Living Well: First 3 years crucial for brain development | CraigDailyPress.com

Living Well: First 3 years crucial for brain development

Memorial Regional Health staff/For Craig Press

What you do in the first three years of your child's life builds the architecture of his or her brain. That feels like a lot of pressure as a parent, but remember, interacting with your baby, talking, playing and cuddling with them is often enough.

During the first three years, the brain builds connections to help problem solve, communicate and interact with others. Environmental stimulation helps create neurons and synapses in the brain. Your baby is born with approximately 86 billion neurons, according to a "Biosystems" study; this number doubles by the infant's first birthday. By age 2 or 3, your baby's brain actually has more connections than yours. That's because as we age, our brain prunes unused connections.

"The first 1,000 days of a child's life are important. Connecting and bonding is the key," said Kevin Monahan, pediatric physician assistant with MRH Medical Clinic.

To help your babies develop connections in their brains, talk to them. Tell them what you are doing and why, sing to them and listen and react to their screeches and gurgles. If your child is in daycare, make sure it's a stimulating environment where he is held and played with throughout the day. Take your baby with you to new environments, letting her feel wind on her face and sand between her toes.
A child's brain is still developing into late adolescence, according to studies from the National Institute of Health. During adolescence, the brain grows as big as it is going to get, but it still matures into the mid to late 20s.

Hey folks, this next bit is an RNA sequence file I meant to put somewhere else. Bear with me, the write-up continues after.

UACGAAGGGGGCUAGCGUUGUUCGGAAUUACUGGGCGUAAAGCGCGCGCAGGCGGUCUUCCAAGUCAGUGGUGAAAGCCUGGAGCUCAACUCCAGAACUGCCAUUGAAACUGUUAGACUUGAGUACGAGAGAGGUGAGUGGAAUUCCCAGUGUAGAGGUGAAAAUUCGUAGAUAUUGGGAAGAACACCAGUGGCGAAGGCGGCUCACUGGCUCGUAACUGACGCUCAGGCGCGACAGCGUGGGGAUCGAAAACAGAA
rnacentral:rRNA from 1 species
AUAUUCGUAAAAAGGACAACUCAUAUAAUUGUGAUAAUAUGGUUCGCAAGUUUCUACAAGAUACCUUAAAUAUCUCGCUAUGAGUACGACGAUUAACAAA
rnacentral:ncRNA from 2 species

"Development is cumulative in a child's life," Monahan said.

There are set milestones babies and young children are expected to reach in the first five years of life. Meeting these milestones is a good way to know your child is on track mentally, physically and socially.

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For example, by age 1, most babies will repeat sounds or actions to get attention, put out arms or legs to help with dressing, say a few words, such as mama, dada or wave goodbye. They also can find hidden things, look at the right picture of an object when it is named in a picture book and follow simple directions, according to the Centers for Disease Control and Prevention.

By age 2, the CDC gives the following list to indicate your toddler is right on track with brain development: sorting shapes and colors, completing familiar rhymes, playing make believe games, building towers of blocks, naming objects in a picture book, saying sentences with two to four words and knowing the names of common people and body parts. If you want to track your child's milestones, the CDC makes it easy with its Milestone Tracker Mobile App.

"Development occurs through the interplay of experiences, biology and behaviors," Monahan said.

Memorial Regional Health offers pediatric services through the MRH Medical Clinic and Rapid Care. To schedule a pediatric well child exam, call 970-826-2480.

Everyday ways to support early learning

 • Repeat the sounds and words your child uses.

• Read, sing and tell stories.

• Talk about what you do together.

• Encourage your child to explore.

• Follow your child’s interests.

• Ask your child questions.

• Give choices to older toddlers.

• Use words to help your child understand his or her feelings.

• Comment on what your child does well.

• Give your child the chance to do things for him or herself

Source: zerotothree.org